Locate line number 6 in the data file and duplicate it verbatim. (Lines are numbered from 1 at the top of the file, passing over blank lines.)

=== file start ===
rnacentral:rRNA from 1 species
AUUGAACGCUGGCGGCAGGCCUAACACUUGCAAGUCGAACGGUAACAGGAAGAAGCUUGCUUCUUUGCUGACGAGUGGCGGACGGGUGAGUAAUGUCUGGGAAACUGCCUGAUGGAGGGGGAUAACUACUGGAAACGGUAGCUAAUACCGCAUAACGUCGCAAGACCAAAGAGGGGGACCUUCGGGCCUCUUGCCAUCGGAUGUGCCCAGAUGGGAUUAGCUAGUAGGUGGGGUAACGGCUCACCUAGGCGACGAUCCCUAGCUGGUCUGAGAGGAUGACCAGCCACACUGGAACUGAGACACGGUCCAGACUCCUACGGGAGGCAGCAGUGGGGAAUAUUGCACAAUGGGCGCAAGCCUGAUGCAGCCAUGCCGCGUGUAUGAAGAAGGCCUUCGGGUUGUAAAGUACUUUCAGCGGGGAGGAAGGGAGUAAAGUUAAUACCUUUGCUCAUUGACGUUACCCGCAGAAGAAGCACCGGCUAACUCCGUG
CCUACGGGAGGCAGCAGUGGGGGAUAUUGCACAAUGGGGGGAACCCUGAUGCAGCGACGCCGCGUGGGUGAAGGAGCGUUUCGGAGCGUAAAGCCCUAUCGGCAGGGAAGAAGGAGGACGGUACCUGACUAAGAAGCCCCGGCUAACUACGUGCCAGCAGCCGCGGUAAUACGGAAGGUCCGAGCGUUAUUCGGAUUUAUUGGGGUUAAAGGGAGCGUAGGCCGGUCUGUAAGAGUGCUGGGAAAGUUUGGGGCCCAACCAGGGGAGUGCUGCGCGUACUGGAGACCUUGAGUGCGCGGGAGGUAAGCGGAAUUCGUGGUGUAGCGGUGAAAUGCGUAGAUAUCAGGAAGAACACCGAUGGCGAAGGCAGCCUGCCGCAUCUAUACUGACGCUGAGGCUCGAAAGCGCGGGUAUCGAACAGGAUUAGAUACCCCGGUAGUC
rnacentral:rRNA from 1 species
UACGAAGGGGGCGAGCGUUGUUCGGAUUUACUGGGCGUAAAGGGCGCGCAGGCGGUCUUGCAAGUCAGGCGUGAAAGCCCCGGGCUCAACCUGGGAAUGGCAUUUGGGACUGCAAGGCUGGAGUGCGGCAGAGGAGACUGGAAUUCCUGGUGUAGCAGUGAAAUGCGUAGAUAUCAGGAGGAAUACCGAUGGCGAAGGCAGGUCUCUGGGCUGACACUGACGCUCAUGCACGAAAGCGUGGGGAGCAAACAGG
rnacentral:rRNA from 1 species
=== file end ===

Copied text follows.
rnacentral:rRNA from 1 species